Here Lowenfeld again displays his gift for presenting factually and legally complex issues clearly and elegantly. For Lowenfeld, whatever does not kill the DSU makes it stronger, and the fact that unilateralism in the bananas dispute was avoided is testimony to the substantial contribution made by the DSU to the compliance framework of international economic obligations. Lowenfeld deals in detail with the regulation of subsidies and countervailing measures chapter 9 and dumping and anti-dumping chapter Here, Lowenfeld takes a central theme — the responsibility of host states to foreign investors — and examines its position at customary international law, its treatment in domestic and international courts and tribunals, and the impact of case- and regional-specific agreements.
The underlying principles governing the international law of international investment are that aliens are entitled to at least equality of treatment with nationals of the host state, and that a state is obliged to pay compensation in the event of an expropriation of property belonging to an alien.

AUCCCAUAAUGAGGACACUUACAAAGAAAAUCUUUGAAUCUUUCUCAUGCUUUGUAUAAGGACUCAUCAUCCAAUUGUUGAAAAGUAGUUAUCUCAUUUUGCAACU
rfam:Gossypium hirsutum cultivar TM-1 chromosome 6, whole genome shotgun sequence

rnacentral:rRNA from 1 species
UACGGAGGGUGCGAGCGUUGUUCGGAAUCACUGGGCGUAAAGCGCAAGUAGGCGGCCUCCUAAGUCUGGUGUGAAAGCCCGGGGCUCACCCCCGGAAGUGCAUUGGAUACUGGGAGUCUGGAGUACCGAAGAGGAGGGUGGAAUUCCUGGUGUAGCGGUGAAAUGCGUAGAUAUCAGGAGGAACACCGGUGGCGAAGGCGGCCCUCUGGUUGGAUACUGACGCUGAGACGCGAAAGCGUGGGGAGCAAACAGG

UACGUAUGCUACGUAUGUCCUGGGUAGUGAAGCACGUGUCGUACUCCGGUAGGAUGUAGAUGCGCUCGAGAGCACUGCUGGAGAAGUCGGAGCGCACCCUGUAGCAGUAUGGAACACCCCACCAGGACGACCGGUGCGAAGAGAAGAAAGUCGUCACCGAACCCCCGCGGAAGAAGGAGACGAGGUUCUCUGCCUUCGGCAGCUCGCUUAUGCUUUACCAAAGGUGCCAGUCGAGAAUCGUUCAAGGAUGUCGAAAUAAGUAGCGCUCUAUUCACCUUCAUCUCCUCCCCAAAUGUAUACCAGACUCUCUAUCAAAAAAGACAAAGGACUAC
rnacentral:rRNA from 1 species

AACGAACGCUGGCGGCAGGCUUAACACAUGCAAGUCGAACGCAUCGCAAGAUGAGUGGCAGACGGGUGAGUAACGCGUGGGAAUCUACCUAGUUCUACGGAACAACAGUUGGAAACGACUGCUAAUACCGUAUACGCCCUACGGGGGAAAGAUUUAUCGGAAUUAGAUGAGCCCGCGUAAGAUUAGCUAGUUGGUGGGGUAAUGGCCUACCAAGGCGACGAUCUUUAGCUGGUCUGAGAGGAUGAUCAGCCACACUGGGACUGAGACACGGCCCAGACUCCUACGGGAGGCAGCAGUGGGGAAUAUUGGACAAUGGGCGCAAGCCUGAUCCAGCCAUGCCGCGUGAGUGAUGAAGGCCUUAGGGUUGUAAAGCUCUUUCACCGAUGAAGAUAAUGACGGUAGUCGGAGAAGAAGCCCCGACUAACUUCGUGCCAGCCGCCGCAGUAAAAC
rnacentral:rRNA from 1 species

It is primarily the customary international law of state responsibility for expropriations that regulates the treatment of international investment, and it is in this area that Lowenfeld seems most at home.
Two obvious reasons come to mind. First, since the failure of the Cancun Ministerial, the US has vowed to move ahead in the direction of bilateral and regional trade agreements, and the EU has also considered giving greater priority to such arrangements. Lowenfeld does not enter the fray. Instead he presents the main provisions common to most investment agreements: obligations surrounding the admission of foreign investment; fair and equitable treatment; full protection and security; and compensation in the case of expropriation.
Lowenfeld helpfully examines the case law dealing with the concept of expropriation, the difference between expropriation and the mere exercise of regulatory or police powers, and the vexing issue of the amount of compensation due following an expropriation. Given the current fragmented state of the law,  it is understandable that Lowenfeld does not reach any firm conclusions on these questions, although his guidance and analysis of the jurisprudence is invaluable.